Introduction to System Dynamics
Dr. Jay W. Forrester at the Massachusetts Institute of Technology created System Dynamics in the 1960s. It is a method for modelling and understanding the dynamic behavior of complex systems. Originally applied to the study of management and engineering systems, this powerful approach has found its way into many other fields, which study complex systems such as social, urban, economic, and ecological systems, amongst others.
First, let us define the word system. My favourite definition comes from Russel Ackoff, a professor at the Wharton School, and a pioneer in the field of Systems Thinking. In “Towards a System of Systems Concepts” (Ackoff 1971), Ackoff presents perhaps the best attempt at defining the concept of system. It can be summed up in the following definition:
A system is a set of two or more elements, and satisfying the following conditions:
· Each element can affect the behavior of the whole.
· The way each element affects the whole depends on at least one other element – i.e. no element has an independent effect on the whole
· If you take any groups/subsets of elements and arrange them in any fashion, form subgroups in any way at all, then the subgroups will have these two properties: (the parts are interconnected.)
· Every subgroup can affect the behavior of the whole
· The way each subgroup affects the whole depends on at least other subgroup (no subgroup can have an independent effect)
An oversimplified version of this would be: “A system is a whole which cannot be divided into independent parts.
If we study this definition carefully, it implies two things about systems that are extremely important for management:
1) The essential properties of any system are properties of the whole which none of its parts have. Therefore when a system is taken apart it loses its essential properties. E.g. if we disassemble a car, we no longer have a car but a collection of car parts.
2) No system is the sum of the behaviour of its parts; it is a product of their interactions. When a system is disassembled, not only does it lose its properties, but so do all of the parts. E.g. an engine moves a car, but alone it moves nothing.
Therefore, we cannot study the development process without considering the development team (one criticism of CMM is that it looks at individual programmers as replaceable parts.) We cannot study the development team without understanding the software they are developing. And so on…
System Dynamics allows us to model the structure of a system and all its “parts”, including the time-delayed relationships among its components. The underlying relationships and connections between the components of a system are called the structure of the system. The term dynamics refers to change over time. If something is dynamic, it is constantly changing. A dynamic system is therefore a system in which the variables interact to stimulate changes over time. The way in which the elements or variables composing a system vary over time is referred to as the behaviour of the system. (Martin 1997)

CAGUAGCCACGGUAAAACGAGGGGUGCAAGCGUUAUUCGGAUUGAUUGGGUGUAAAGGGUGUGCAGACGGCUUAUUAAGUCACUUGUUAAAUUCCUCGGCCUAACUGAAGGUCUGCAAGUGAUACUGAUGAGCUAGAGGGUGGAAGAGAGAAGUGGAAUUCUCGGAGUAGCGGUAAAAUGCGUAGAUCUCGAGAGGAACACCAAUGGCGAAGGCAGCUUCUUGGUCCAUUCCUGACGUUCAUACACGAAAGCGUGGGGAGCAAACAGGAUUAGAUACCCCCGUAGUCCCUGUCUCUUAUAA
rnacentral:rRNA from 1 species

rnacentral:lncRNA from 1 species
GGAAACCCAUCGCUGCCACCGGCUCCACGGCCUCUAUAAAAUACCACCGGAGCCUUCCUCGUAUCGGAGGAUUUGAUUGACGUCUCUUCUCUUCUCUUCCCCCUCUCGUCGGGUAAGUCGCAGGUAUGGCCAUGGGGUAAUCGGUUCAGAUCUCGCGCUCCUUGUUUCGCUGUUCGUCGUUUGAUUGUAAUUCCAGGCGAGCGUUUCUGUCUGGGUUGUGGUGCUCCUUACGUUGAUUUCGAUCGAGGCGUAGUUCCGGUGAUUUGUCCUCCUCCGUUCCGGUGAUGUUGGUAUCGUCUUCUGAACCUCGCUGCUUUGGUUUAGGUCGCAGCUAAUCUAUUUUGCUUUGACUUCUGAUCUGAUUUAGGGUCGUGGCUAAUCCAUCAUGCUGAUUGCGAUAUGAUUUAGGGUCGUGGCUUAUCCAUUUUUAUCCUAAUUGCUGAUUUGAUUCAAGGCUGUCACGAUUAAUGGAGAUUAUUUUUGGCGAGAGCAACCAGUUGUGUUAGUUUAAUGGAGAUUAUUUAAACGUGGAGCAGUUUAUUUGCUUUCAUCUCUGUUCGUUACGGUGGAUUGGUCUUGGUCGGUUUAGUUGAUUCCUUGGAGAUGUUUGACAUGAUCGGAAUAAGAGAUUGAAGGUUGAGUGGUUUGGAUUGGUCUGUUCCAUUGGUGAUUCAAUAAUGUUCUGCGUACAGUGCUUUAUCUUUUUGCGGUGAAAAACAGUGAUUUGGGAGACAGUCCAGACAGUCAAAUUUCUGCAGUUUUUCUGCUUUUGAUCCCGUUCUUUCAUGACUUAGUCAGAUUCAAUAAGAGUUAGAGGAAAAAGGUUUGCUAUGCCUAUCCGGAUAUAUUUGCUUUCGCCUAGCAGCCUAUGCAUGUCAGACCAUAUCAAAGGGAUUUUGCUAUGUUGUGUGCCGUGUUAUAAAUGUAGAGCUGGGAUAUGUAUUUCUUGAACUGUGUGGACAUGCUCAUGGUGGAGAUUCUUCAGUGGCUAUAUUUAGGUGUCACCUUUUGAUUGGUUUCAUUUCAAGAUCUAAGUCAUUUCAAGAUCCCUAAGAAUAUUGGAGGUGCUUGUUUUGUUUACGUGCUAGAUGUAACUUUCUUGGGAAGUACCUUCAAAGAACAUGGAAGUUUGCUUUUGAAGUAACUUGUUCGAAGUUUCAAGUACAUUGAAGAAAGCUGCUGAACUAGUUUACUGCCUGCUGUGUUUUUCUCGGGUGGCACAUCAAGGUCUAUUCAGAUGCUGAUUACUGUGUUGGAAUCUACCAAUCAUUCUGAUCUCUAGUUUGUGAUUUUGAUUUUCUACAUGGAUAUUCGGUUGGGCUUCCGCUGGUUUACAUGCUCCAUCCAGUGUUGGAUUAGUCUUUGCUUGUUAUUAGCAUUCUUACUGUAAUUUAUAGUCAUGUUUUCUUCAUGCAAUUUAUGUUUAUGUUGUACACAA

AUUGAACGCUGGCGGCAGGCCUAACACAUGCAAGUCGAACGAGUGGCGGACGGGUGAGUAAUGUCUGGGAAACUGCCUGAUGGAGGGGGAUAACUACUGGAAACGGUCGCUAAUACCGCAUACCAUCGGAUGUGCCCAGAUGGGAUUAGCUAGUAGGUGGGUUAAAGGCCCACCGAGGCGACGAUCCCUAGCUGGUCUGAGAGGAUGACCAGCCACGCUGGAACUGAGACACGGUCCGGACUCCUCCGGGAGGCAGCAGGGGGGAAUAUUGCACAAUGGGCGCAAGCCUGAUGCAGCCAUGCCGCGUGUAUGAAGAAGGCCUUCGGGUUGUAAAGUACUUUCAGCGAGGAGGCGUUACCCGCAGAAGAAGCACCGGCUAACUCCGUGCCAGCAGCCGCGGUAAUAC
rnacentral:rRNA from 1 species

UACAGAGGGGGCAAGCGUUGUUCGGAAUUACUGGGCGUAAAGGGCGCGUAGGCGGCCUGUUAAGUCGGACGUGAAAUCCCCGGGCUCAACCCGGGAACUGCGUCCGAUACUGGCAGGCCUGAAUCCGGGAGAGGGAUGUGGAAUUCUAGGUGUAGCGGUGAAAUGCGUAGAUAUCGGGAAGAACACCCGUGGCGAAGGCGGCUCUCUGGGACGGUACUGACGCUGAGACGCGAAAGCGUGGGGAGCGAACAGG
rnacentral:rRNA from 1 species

Central to System Dynamics is the concept of feedback loops, and the concepts of stock and flow (also referred to as level and rate). A stock is something that accumulates (or drains) over time. A rate describes the quantity per unit-time at which a stock accumulates (or drains). Feedback loops are the cause-and-effect chains in the system through which a change in one variable creates a circular feedback, ultimately affecting itself.
To demonstrate these concepts, Figure 19 presents a very simple example of a single stock system:
· Population: is the stock that represents a human population.
· Birth Rate and Death Rate are the rates at which the stock accumulates and drains, respectively.
· The loop annotated with “R” is a positive feedback loop, also called a reinforcing feedback loop because it drives growth in the system. In our example: the more Population, the more People Having Children, and thus a higher Birth Rate, leading to even more Population. In other words, an increase in population triggers more increase in population.
· The loop annotated with “B” is a negative feedback loop, also called a balancing feedback loop because it has a stabilizing effect on the system. In our example: the more Population, the greater Over-population, leading to a higher Death Rate, which causes a reduction in Population. In other words, an increase in population triggers a decrease in population.
The previous example is a very simple single-stock system with only two feedback loops. The study of a software development project on the other hand includes many stocks, variables, and loops. The type of large scale software projects we are interested in belong to the class of complex dynamic systems that, according to John Sterman (Sterman 1992), exhibit the following characteristics:
· They are complex and consist of multiple components.
· They are highly dynamic.
· They involve multiple feedback processes.
· They involve non-linear relationships.
· They involve both “hard” and “soft” data.
In our case, hard data would be measurable data such as cost, and soft data would be more intangible data such as ‘employee motivation’.